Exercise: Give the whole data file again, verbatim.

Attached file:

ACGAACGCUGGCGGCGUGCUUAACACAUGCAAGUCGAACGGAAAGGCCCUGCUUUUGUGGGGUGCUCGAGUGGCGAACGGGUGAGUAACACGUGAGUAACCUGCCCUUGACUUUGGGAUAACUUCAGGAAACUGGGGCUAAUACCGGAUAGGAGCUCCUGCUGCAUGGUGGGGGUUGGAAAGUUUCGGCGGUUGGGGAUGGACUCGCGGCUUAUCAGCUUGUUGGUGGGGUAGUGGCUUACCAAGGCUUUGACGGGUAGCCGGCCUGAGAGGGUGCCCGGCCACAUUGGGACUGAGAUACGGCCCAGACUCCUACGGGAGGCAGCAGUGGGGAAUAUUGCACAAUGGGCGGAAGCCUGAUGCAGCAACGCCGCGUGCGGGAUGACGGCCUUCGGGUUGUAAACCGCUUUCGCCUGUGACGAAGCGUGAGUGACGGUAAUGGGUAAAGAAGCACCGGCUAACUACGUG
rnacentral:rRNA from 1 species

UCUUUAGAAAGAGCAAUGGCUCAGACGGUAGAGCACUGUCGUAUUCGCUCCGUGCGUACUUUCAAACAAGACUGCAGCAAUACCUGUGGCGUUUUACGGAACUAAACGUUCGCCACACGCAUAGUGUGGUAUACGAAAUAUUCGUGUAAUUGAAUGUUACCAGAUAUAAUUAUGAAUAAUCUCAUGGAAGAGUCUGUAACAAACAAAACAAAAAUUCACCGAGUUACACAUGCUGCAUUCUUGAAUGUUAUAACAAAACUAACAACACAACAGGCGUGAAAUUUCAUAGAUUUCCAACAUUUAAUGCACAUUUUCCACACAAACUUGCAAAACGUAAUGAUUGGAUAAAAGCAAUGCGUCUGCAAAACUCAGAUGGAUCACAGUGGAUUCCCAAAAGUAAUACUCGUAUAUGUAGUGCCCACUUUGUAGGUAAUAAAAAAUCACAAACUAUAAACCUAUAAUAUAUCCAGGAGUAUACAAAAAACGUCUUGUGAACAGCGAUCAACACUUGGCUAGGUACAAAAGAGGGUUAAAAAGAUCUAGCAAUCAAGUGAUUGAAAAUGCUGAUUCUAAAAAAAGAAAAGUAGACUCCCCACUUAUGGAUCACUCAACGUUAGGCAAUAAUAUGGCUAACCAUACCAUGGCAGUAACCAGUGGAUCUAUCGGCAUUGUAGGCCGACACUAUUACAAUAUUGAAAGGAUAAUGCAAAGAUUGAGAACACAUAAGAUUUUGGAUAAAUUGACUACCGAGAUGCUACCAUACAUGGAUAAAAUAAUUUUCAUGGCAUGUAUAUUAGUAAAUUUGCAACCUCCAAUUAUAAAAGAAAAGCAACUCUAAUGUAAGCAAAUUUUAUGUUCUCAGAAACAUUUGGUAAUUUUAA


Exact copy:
ACGAACGCUGGCGGCGUGCUUAACACAUGCAAGUCGAACGGAAAGGCCCUGCUUUUGUGGGGUGCUCGAGUGGCGAACGGGUGAGUAACACGUGAGUAACCUGCCCUUGACUUUGGGAUAACUUCAGGAAACUGGGGCUAAUACCGGAUAGGAGCUCCUGCUGCAUGGUGGGGGUUGGAAAGUUUCGGCGGUUGGGGAUGGACUCGCGGCUUAUCAGCUUGUUGGUGGGGUAGUGGCUUACCAAGGCUUUGACGGGUAGCCGGCCUGAGAGGGUGCCCGGCCACAUUGGGACUGAGAUACGGCCCAGACUCCUACGGGAGGCAGCAGUGGGGAAUAUUGCACAAUGGGCGGAAGCCUGAUGCAGCAACGCCGCGUGCGGGAUGACGGCCUUCGGGUUGUAAACCGCUUUCGCCUGUGACGAAGCGUGAGUGACGGUAAUGGGUAAAGAAGCACCGGCUAACUACGUG
rnacentral:rRNA from 1 species

UCUUUAGAAAGAGCAAUGGCUCAGACGGUAGAGCACUGUCGUAUUCGCUCCGUGCGUACUUUCAAACAAGACUGCAGCAAUACCUGUGGCGUUUUACGGAACUAAACGUUCGCCACACGCAUAGUGUGGUAUACGAAAUAUUCGUGUAAUUGAAUGUUACCAGAUAUAAUUAUGAAUAAUCUCAUGGAAGAGUCUGUAACAAACAAAACAAAAAUUCACCGAGUUACACAUGCUGCAUUCUUGAAUGUUAUAACAAAACUAACAACACAACAGGCGUGAAAUUUCAUAGAUUUCCAACAUUUAAUGCACAUUUUCCACACAAACUUGCAAAACGUAAUGAUUGGAUAAAAGCAAUGCGUCUGCAAAACUCAGAUGGAUCACAGUGGAUUCCCAAAAGUAAUACUCGUAUAUGUAGUGCCCACUUUGUAGGUAAUAAAAAAUCACAAACUAUAAACCUAUAAUAUAUCCAGGAGUAUACAAAAAACGUCUUGUGAACAGCGAUCAACACUUGGCUAGGUACAAAAGAGGGUUAAAAAGAUCUAGCAAUCAAGUGAUUGAAAAUGCUGAUUCUAAAAAAAGAAAAGUAGACUCCCCACUUAUGGAUCACUCAACGUUAGGCAAUAAUAUGGCUAACCAUACCAUGGCAGUAACCAGUGGAUCUAUCGGCAUUGUAGGCCGACACUAUUACAAUAUUGAAAGGAUAAUGCAAAGAUUGAGAACACAUAAGAUUUUGGAUAAAUUGACUACCGAGAUGCUACCAUACAUGGAUAAAAUAAUUUUCAUGGCAUGUAUAUUAGUAAAUUUGCAACCUCCAAUUAUAAAAGAAAAGCAACUCUAAUGUAAGCAAAUUUUAUGUUCUCAGAAACAUUUGGUAAUUUUAA